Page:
?

AND or TO to indicate the infinitive?

  1. And

    0 vote(s)
    0.0%
  2. To

    7 vote(s)
    87.5%
  3. A bit of both depending on surrounding context.

    1 vote(s)
    12.5%
  1. Wreybies
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    Wreybies The Ops Pops Operations Manager Staff Contest Administrator Supporter Contributor

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    Grammar AND v. TO

    Discussion in 'Word Mechanics' started by Wreybies, Feb 4, 2014.

    This isn't a question of correctness, as I already know the answer, but more one of tendency. How likely are you, in casual speech, to replace the infinitive verb indicator to with and?

    Try and keep that in mind.

    Try to keep that in mind.


    What's your casual speech default?
     
  2. thirdwind
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    thirdwind Contributing Member Contest Administrator Reviewer Contributor

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    I use "to." Why? Because one of my teachers back in middle school used "and," and I never really liked her. :p
     
  3. GingerCoffee
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    GingerCoffee Web Surfer Girl Contributor

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    Did you intend for that typo to be there? Or does "keep that in mine" have an implied noun? My box, yes put that one in mine.

    While I believe 'to' is correct, 'and' sounds fine to my ear.
     
  4. Wreybies
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    Wreybies The Ops Pops Operations Manager Staff Contest Administrator Supporter Contributor

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    Nope, that was a typo. :p (And a mildly Freudian one, at that.) ;)
     
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  5. mammamaia
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    mammamaia nit-picker-in-chief Contributor

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    only 'to' is correct... 'and' is akin to using 'of' when it should be 'have'... as in 'should of'... :eek:
     
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  6. thirdwind
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    thirdwind Contributing Member Contest Administrator Reviewer Contributor

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    The only people I've seen use "and" are people from the Texas area. Must be a Southern thing.
     
  7. Storysmith
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    Storysmith Member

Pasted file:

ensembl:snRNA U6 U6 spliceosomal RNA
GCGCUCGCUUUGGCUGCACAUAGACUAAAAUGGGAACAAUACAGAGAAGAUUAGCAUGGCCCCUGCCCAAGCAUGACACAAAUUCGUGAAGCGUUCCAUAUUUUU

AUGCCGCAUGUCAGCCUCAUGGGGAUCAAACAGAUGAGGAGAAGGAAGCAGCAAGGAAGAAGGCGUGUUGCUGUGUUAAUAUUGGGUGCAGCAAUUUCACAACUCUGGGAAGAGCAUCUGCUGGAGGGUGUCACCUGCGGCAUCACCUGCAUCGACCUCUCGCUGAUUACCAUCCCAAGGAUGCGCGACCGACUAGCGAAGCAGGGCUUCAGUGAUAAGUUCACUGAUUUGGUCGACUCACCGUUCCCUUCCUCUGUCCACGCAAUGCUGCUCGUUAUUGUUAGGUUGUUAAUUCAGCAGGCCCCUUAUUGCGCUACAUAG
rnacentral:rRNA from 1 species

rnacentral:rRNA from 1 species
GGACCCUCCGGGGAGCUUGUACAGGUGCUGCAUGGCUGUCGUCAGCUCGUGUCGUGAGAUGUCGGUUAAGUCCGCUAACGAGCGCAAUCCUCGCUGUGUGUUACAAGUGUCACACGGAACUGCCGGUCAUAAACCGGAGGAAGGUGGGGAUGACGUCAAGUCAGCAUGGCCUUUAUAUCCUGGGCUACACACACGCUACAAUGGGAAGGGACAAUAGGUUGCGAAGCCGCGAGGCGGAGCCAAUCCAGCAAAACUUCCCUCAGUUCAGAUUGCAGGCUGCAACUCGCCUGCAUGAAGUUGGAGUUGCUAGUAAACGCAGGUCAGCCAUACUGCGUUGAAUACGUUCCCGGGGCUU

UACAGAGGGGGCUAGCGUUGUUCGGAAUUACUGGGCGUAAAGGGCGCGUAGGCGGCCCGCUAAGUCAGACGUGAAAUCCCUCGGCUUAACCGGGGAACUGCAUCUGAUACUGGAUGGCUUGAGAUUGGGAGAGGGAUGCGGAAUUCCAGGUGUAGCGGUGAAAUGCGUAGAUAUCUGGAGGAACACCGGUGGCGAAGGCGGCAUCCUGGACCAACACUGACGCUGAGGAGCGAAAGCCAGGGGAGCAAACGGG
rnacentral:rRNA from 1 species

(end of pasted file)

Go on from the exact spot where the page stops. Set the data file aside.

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    I'm from England, and people say it both ways here. But "and" can't always be used for the infinitive: for example, you can't replace the "to" with "and" in "I'm going to do something". I think it's only after "try" that it appears.

    I wonder if it originally came from an attempt to be positive, i.e. don't just try to do something, try and do the thing.
     
  8. Andrae Smith
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    Andrae Smith Gone exploring... in the inner realm... Contributor

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    I don't think it's necessarily a regional thing. I hear 'and' all the time in California and here in Arizona. It's something that I thing budded out of the expression "Try it and find out." This is pure speculation, but I reason that expression was truncated to "Try and find out" and "Try and see." In either case it still connotes 2 actions. Then, along this same thread, it was used in sentences like "Try and see if it works," from which other sentences with more diluted meaning sprung.

    In the sentences you gave, I would use 'to' whenever I am fully conscious of my speech. However, there are times when I'm saying things so quickly that I shift into less proper English, at which point "and" might slip in--though it would sound more like "Try 'n keep that in mind."
     
  9. Cogito
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    Cogito Former Mod, Retired Supporter Contributor

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    Its use is almost widespread enough to become idiomatic.

    To be honest, I haven't really thought about it enough to know if I use it, which probably means I do, at least occasionally.
     

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